Grand Jeté is a gorgeous film to behold, but its visual design is unfortunately in service of material that’s too one-note and depthless to actually shock.
Director Isabelle Stever’s Grand Jeté is a German familial drama that seeks to provoke, an easy thing to surmise given its portrait of a toxic and incestuous relationship between a mother and son. But those searching for cheap thrills or simple shock value would be wise to look elsewhere, as Stever has fashioned an artful character study that most resembles a mash-up of two very specific Isabelle Huppert vehicles, namely Michael Haneke’s The Piano Teacher and Christophe Honore’s Ma Mère. Nadja (Sarah Gerther) is a strict and severe ballet teacher who pushes her body to its ultimate limits. Reliant on prescription drugs and refusing to use the cane her punished musculature and articular systems so desperately need, Nadja seems to thrive on the pain she forces herself to endure. A random visit to her mother’s place in a neighboring city introduces the viewer to Mario (Emil von Schonfels), the son Nadja abandoned when he was a baby and whom her mother has cared for since infancy. Now 18, Mario is a strapping young lad who spends his nights clubbing and engaging in various debaucherous activities. It’s quite obvious from their interactions that Nadja hasn’t seen her son in nearly two decades, although the two make up for lost time by almost instantly starting a sexual affair, one that finds Nadja experiencing joy for the first time in years, because, as clearly articulated, she is nothing if not a masochist, a trait shared by her son.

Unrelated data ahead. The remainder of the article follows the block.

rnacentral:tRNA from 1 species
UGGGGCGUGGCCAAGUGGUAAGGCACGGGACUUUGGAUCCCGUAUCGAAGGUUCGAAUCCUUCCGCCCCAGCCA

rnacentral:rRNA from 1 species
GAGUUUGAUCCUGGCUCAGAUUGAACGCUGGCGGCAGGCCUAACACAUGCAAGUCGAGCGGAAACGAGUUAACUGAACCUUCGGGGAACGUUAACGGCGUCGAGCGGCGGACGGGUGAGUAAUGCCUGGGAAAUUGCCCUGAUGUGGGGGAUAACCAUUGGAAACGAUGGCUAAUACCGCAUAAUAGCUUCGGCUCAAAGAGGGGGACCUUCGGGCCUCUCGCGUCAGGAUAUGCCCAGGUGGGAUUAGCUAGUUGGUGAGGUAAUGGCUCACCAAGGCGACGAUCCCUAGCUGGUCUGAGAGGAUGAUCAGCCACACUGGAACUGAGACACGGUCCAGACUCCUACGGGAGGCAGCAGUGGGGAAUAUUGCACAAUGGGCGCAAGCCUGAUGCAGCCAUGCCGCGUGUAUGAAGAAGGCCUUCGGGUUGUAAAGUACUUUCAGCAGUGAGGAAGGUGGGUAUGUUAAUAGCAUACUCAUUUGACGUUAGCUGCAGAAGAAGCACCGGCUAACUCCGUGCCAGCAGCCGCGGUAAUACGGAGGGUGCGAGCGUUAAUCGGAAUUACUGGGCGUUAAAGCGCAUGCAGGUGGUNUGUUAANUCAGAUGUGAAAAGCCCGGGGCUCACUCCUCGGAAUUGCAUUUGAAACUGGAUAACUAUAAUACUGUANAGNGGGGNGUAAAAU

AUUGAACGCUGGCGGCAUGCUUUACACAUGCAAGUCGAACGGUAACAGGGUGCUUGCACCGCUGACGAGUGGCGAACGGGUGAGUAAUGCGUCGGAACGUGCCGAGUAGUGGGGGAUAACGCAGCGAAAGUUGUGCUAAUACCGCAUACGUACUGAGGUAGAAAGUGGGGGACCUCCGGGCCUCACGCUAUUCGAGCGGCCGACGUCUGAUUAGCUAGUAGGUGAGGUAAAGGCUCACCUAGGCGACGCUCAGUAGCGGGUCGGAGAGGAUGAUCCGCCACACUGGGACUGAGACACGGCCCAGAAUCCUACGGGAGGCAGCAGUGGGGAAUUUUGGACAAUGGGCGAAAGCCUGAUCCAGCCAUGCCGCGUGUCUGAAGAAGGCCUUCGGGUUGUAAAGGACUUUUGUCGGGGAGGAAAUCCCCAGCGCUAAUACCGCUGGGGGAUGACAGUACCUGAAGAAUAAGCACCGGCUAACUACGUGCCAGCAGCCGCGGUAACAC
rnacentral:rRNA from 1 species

Grand Jeté is not a psychological probing of its characters and their actions so much as an observational study; there are no answers to be found in regards to the why of it all, although Nadja’s fractured relationship with her own mother certainly hints at a few underlying issues. Stever and cinematographer Constantin Campean opt for a visual style that might best be described as ethereal, the handheld camera becoming an omnipresent observer that seemingly floats above and dances around these characters, occasionally stopping as it becomes fixed on some specific detail or action, whether it be the movement of undulating shoulder blades or the carefully manicured bun atop a young dancer’s head. Deep focus is rarely utilized, with an emphasis on one single item in any given shot, often times rendering both the background and foreground as a blurred haze and obscuring more than it enlightens, which is certainly a fitting visual metaphor for the approach taken to this material. Truly, the images captured within Grand Jeté are nothing less than transfixing, and frequently gorgeous to behold.
Unfortunately, the film as a whole is far more one-note, its characters callously narcissistic and grossly unsympathetic. Everyone here is only motivated by their own short-sighted desires, using one another for their own selfish motives, which may ring fairly authentic as a reflection of the modern human condition, but it’s never dramatically compelling here. Stever and screenwriter Anna Melikova also never met a metaphor they couldn’t beat to death, with Mario at one point fucking his mother with the very cane she refuses to use — no need to spell that one out. Gerther and von Schonfels fully commit to their roles, delivering exactly what the material demands, and while there is a certain amount of boldness innate to what they’re asked to do here, they are never summoned to deliver much in the way of depth, making it rather difficult to care about the outcome. Consequently, Grand Jeté lands as a prime example of the kind of film that one can readily admire without ever actually enjoying, the visual design and ravishing cinematography proving intoxicating elements that almost, but not quite, distract from the bland inanity of the taboo material. That all of this is clearly by design doesn’t make it any less frustrating a viewing experience.